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Irwin Parents Don't Want School To Become Office Space

Wigena Tirado align=left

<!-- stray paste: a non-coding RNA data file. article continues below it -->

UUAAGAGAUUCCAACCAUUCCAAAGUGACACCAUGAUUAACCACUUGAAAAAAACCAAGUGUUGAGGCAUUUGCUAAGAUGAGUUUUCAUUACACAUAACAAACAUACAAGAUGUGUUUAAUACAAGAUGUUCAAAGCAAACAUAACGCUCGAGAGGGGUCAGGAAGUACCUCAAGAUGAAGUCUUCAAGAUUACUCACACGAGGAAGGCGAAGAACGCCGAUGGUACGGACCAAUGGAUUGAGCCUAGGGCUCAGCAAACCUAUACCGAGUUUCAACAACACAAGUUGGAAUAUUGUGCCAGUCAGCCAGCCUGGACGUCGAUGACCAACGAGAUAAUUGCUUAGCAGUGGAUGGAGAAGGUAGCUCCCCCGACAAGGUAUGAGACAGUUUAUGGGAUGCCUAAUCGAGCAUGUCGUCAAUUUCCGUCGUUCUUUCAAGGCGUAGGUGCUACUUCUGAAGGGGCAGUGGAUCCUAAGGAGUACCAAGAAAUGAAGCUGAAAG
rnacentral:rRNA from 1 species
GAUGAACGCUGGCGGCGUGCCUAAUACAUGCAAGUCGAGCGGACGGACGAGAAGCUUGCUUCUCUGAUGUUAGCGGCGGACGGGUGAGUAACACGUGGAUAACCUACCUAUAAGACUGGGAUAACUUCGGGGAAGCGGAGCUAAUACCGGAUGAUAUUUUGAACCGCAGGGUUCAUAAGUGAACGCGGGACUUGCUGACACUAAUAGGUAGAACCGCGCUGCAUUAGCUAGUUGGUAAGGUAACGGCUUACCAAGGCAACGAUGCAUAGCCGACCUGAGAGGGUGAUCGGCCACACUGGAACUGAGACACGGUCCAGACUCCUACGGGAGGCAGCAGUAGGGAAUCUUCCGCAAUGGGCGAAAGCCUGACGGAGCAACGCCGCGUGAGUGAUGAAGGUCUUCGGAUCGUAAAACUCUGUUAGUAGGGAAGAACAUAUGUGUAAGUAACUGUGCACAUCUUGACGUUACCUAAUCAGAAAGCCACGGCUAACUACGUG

CMS held its last forum on closing schools and changing boundaries last night. The district wants to close about a dozen schools and move those students to other schools. Many of the remaining buildings would be demolished or mothballed. Last night, Smith Language Academy was the focus of the discussion. Under the plan, Harding University High would close and Smith students would move in. That's received a lot of attention. But a similar thing would happen to Irwin Avenue Elementary, only the people moving in would be administrators. That's not going over so well with parents at Irwin. Irwin Avenue Elementary is a good-looking school. The brick building with breezy hallways and big classrooms is nestled beneath the skyscrapers of uptown Charlotte. It's also part of Charlotte's history. The old Harding High School was located here. This is where a teenager named Dorothy Counts walked through a crowd of hecklers to become the first African American to integrate a Charlotte school. "This will be great for the kids. Why do the adults need it? They have the rest of Charlotte," says Irwin parent Wigena Tirado. Her son is a fourth-grader at Irwin. She moved here from Buffalo ten years ago around the time when that city began discussing closing schools. Tirado was excited when she found Irwin, but five years later she hears it might close to make room for administrators. "Oh, I was hot. I thought that must be a joke it can't be for real," says Tirado. "I was thinking, 'No, they can't close the school because my son goes there. But then when I researched some more, it kept coming up. I'm like, 'Oh my gosh, they're going to close my school for an office building. What?'" "It's a large elementary school with large, open classrooms. They kind of lend themselves very easily to repurposing as open office space," says CMS planner Dennis LaCaria. You can imagine his explanation doesn't go over well with Irwin parents. But he says there's more to it. The school has classrooms to spare. The district estimates it could save $900,000 a year by moving offices to Irwin and sending kids to neighboring elementary schools. Those in the IB program would get preference to go to any magnet within their home school attendance area. CMS would start a new IB program at Blythe elementary in Huntersville. CMS could then move staff currently housed in two leased spaces and a couple old schools to the Irwin building. There could even be room for staff from the education center uptown, a building that will be transferred to the county some time in the next few years. LaCaria says that savings would help the district hold on to more teachers But if CMS didn't need an administrative center, would it look at closing Irwin? "It's hard to say now," says LaCaria. "Would we have probably proposed some other programming? That's possible." But CMS also points to Irwin's test scores as a reason for closure. Last year, the school had a 61 percent pass rate. That's by no means good, but it's a 16 point jump in just two years and parents feel like the school is making a lot of progress. Tirado actually chose the school for her son who she calls 'my Little Einstein', knowing most of the kids come from low-income families. He's in the newly accredited IB program there. So Tirado doesn't like it when she hears administrators refer to Irwin's poor performance. "I felt kind of upset. They say, 'Look at these scores, they're low,'" says Tirado. "Okay, my child is very smart. I wouldn't put him in a school that didn't do well. When I came down here I saw the schools that didn't do well. This wasn't it." Fired-up Irwin parents have shown up to community forums, had CMS planners come talk to them, sent letters to CMS board members, and called them. It's a troop of parents that has grown stronger over the past three years as the school has improved. After a Parent-Teacher Association meeting this week, a handful of moms got together to strategize how to keep Irwin open. They have just another few days to make their point that Irwin is a better place for students than administrators. The board plans to vote on Tuesday.